“Blue Stars,” the new novel by Chicagoan Emily Gray Tedrowe, presents us with an original prism through which to view the complexities of military life. As the sister of a military man herself, Tedrowe is intimately familiar with the struggles of those who are left behind during war. “While he was there, I didn’t want to think or write about the experience,” Tedrowe says of her brother’s service. “When he returned, I started to think about those on the home front.”
To those of us outside its ranks, the military and its members tend to be viewed in absolute terms: the organization must be supported at all costs, and those who volunteer are considered noble and beyond reproach. Those who do not support the military’s mission or who question it in any way are regarded as unpatriotic. Tedrowe’s novel successfully questions the wisdom of these two-dimensional notions through a rarely considered angle, the women waiting at home during war in the digital age, and their experiences after the fact. “Blue Stars” presents the reader with the stories of two women in military families during the Iraq War who possess very human strengths and flaws. Ellen, the refined English professor whose legal ward Michael enlists not long after she becomes his guardian, agonizes over his choice to join the Marines. Ellen believes “that a boy from the frozen upper Midwest should play any part in Iraq’s woeful current mess [is] absurd to the point of existentialism.” In another part of the country, Lacey, a trainer at a local gym and a put-upon Army wife, is left behind to counsel other Army wives as she struggles to keep going amid her own challenges. Ellen and Lacey meet at Walter Reed after their men are injured in the line of duty.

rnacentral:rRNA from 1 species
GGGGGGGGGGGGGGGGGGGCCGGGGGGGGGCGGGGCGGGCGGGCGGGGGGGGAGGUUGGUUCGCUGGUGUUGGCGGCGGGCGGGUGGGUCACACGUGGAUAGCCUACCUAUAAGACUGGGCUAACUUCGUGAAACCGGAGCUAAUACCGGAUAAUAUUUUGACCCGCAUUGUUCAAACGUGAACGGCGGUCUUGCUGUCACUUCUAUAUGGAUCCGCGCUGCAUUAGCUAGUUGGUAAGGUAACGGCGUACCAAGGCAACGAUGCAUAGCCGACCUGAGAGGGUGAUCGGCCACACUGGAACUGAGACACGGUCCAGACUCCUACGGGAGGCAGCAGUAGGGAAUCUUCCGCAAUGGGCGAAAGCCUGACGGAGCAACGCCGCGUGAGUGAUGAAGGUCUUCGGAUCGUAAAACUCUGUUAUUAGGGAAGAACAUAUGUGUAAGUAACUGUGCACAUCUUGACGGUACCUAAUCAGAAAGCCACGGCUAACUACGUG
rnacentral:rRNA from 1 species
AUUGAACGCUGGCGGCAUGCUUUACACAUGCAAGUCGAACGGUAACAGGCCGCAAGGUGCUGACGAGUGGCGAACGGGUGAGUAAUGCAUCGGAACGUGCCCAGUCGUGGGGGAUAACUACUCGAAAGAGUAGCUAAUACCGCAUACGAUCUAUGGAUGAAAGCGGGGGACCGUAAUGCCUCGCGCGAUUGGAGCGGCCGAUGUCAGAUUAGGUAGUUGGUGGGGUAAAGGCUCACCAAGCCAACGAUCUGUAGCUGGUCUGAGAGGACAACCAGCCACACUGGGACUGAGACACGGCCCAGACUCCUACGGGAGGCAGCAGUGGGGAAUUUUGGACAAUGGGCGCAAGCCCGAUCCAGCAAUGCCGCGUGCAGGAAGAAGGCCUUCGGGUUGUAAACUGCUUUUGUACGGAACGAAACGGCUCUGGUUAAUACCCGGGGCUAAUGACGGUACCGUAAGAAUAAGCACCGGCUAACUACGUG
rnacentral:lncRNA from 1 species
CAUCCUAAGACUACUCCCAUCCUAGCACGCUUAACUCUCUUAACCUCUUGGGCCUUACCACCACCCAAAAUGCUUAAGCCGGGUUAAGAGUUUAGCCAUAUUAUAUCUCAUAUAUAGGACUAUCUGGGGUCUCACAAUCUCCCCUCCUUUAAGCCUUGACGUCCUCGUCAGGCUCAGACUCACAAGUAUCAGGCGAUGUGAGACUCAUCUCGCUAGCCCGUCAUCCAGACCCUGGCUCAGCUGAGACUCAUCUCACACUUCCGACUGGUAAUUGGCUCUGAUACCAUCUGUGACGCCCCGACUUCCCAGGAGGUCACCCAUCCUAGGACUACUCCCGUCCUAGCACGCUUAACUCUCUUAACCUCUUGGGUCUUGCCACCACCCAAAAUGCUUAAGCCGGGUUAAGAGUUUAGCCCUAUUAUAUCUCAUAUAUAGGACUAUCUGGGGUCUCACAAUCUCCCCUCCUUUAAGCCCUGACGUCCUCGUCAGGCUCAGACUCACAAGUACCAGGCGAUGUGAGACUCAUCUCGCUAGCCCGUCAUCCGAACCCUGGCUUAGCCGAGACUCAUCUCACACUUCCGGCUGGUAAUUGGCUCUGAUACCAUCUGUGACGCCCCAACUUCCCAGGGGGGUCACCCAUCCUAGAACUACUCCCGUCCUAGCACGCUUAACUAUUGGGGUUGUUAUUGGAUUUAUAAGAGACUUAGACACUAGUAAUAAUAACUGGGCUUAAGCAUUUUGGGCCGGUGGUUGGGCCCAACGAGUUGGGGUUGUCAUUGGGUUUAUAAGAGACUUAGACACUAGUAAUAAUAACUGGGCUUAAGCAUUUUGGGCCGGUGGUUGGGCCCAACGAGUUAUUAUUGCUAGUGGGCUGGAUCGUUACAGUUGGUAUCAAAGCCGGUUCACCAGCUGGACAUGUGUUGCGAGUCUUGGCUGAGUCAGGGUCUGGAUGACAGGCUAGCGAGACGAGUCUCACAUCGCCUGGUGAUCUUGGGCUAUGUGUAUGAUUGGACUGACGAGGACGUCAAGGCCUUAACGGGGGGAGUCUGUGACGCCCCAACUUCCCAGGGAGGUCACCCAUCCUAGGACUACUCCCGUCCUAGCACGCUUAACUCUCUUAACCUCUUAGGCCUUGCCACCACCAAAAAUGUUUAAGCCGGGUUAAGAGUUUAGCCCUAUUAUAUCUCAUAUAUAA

Ellen and Lacey face a slew of unrealistic expectations: they are to fly their blue stars with honor (a reference to the service flag signifying that someone in the immediate family is serving in conflict), hand over their men to a war half a world away with pride, handle their men’s injuries like saints when they come home gravely wounded, and get by on only a portion of the pay to which they were previously entitled since their men can no longer serve. Even at an institution the size of Walter Reed they struggle in isolation with the consequences of war, the “overflow of men being warehoused in substandard buildings…the numbing forms, the redundancies, the mindless bureaucratic maze of offices spread out miles apart.” Tedrowe paints a distressing picture of the military complex that seems to take a distanced approach from those injured in war, and presents a sophisticated, nuanced portrayal of the family members who care for them and the price they pay to do so. (Amy Friedman)
By Emily Gray Tedrowe
St. Martin’s Press, 352 pages, $25.99